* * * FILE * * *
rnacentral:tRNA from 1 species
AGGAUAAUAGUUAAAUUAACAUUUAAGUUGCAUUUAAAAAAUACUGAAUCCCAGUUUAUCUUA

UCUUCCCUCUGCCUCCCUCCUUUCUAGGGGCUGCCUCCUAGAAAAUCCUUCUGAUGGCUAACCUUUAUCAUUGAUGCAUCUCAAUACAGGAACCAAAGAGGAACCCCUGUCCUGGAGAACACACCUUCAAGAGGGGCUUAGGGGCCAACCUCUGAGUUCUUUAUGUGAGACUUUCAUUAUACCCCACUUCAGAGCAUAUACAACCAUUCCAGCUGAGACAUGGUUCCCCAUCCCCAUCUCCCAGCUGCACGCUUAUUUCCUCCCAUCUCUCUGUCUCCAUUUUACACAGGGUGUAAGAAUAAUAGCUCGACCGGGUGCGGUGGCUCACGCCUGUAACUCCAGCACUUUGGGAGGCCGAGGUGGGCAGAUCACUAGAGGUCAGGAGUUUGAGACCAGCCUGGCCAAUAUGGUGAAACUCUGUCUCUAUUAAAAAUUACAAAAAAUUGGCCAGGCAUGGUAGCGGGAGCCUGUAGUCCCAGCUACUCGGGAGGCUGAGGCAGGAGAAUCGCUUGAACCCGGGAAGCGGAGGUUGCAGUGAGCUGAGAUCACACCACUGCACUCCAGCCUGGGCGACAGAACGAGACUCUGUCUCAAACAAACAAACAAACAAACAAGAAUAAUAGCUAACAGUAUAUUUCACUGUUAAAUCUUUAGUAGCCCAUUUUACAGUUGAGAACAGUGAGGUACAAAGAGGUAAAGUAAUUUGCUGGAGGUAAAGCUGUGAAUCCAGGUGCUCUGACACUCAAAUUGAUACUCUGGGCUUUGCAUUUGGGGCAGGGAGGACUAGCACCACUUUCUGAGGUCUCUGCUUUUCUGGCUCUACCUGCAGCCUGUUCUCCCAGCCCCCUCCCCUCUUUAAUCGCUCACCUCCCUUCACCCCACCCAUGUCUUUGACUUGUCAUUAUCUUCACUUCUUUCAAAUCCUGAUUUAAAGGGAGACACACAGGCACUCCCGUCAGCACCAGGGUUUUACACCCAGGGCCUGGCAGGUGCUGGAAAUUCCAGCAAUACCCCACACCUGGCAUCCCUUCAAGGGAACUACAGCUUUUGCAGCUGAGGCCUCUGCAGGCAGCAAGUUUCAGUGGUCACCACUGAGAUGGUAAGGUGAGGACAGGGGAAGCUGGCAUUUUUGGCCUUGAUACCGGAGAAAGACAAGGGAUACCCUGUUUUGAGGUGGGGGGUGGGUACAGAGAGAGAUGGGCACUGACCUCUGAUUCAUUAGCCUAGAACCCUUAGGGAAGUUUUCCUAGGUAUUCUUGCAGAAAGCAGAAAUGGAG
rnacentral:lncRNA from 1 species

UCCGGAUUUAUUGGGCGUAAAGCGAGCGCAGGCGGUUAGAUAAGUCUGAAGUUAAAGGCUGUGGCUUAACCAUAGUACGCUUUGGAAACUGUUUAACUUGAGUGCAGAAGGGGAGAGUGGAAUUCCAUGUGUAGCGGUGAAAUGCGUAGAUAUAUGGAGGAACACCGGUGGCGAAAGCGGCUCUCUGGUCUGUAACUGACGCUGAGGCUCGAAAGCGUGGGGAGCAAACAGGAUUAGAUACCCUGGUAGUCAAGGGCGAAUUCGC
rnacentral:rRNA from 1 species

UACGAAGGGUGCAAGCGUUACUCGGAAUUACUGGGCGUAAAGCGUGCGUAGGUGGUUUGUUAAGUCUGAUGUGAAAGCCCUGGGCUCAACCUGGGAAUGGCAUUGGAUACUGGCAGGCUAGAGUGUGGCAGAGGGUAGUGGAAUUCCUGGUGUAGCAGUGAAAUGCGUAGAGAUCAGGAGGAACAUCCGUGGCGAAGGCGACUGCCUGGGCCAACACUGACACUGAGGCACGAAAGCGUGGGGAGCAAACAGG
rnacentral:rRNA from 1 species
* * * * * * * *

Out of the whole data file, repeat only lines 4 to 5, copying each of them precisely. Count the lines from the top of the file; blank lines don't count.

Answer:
rnacentral:lncRNA from 1 species

UCCGGAUUUAUUGGGCGUAAAGCGAGCGCAGGCGGUUAGAUAAGUCUGAAGUUAAAGGCUGUGGCUUAACCAUAGUACGCUUUGGAAACUGUUUAACUUGAGUGCAGAAGGGGAGAGUGGAAUUCCAUGUGUAGCGGUGAAAUGCGUAGAUAUAUGGAGGAACACCGGUGGCGAAAGCGGCUCUCUGGUCUGUAACUGACGCUGAGGCUCGAAAGCGUGGGGAGCAAACAGGAUUAGAUACCCUGGUAGUCAAGGGCGAAUUCGC